Abstract

The Latino population is the largest minority group in the United States, making up 16.3% of the total population. As the Latino population of the US grows, the Latino student population within schools across the nation is also growing, accounting for 10.5% of the student population. While the Latino student population continues to grow, there is evidence that this group is not achieving academically at the same rate as other groups. Latino statistics in Utah showed a similar situation within public schools. Fifty-one percent of Latino fourth graders were reading below the expected levels, compared to 22% for Caucasian students. Latino student dropout rates were higher than other groups at 28%, compared to 13% for African American students and 7% for Caucasian students. Students who fail to learn to read are more likely to fail in school. One reason why Latinos graduate at a lower rate is that Latino literacy rates in the U.S. and Utah are lower than other groups. An effective literacy program was needed to assist Latino elementary school students in literacy. Latinos in Action (LIA), a secondary school tutoring program, trained Latino secondary students as tutors for Latino elementary school students. Students' progress was tracked using the Dynamic Indicators of Basic Early Literacy Skills (DIBELS) Oral Reading Fluency (ORF) measure. LIA tutored ELL students' ORF progress was compared to the ORF scores of ELL students who did not receive LIA tutoring, ELL students in Spanish dual-immersion instruction who did not receive LIA tutoring, and native English speakers who did not receive LIA tutoring or dual-immersion instruction. Results showed that LIA tutoring was not statistically more or less effective that general instruction on dual-immersion instruction for improving ORF scores for ELL students. Larger sample sizes are needed to increase the validity of this study.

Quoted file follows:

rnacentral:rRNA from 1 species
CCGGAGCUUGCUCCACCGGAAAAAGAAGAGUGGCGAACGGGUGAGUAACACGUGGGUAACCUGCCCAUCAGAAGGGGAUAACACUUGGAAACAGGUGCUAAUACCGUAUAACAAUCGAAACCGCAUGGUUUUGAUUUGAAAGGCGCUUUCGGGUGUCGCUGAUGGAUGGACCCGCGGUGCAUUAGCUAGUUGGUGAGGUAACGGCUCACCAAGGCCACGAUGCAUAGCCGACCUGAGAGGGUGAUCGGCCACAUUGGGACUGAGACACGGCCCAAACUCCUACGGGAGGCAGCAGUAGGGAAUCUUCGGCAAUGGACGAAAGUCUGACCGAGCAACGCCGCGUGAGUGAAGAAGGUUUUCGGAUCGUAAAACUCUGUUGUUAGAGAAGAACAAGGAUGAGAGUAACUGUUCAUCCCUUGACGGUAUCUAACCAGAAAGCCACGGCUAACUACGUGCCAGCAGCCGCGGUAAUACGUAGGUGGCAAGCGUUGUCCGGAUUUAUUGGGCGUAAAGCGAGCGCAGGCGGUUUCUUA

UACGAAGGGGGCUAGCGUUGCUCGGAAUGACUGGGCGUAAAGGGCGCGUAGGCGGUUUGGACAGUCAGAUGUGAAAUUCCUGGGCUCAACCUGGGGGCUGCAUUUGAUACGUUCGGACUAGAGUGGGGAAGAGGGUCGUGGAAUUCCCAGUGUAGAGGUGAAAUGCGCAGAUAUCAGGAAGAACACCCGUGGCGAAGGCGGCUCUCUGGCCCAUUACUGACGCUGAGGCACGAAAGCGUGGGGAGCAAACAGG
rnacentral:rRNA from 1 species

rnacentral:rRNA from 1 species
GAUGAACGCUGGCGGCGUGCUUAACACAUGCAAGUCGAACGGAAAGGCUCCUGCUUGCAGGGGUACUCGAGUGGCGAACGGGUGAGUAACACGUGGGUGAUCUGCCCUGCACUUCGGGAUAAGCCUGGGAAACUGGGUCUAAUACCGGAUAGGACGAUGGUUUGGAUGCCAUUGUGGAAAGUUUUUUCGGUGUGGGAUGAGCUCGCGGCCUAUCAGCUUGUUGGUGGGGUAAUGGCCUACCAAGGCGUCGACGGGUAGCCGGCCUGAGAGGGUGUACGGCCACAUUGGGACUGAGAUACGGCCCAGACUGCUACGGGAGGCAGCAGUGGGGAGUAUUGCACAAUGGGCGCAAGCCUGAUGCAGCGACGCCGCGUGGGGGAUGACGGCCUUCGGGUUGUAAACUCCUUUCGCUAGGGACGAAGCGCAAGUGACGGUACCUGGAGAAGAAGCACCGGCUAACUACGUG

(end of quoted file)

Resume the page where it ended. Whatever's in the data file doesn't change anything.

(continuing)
Degree

EdS

College and Department

David O. McKay School of Education; Counseling Psychology and Special Education

Rights

http://lib.byu.edu/about/copyright/

Date Submitted

2015-06-01

Document Type

Thesis

Handle

http://hdl.lib.byu.edu/1877/etd7542

Keywords

Latino, literacy, tutoring, reading fluency, Spanish dual immersion, English language learner

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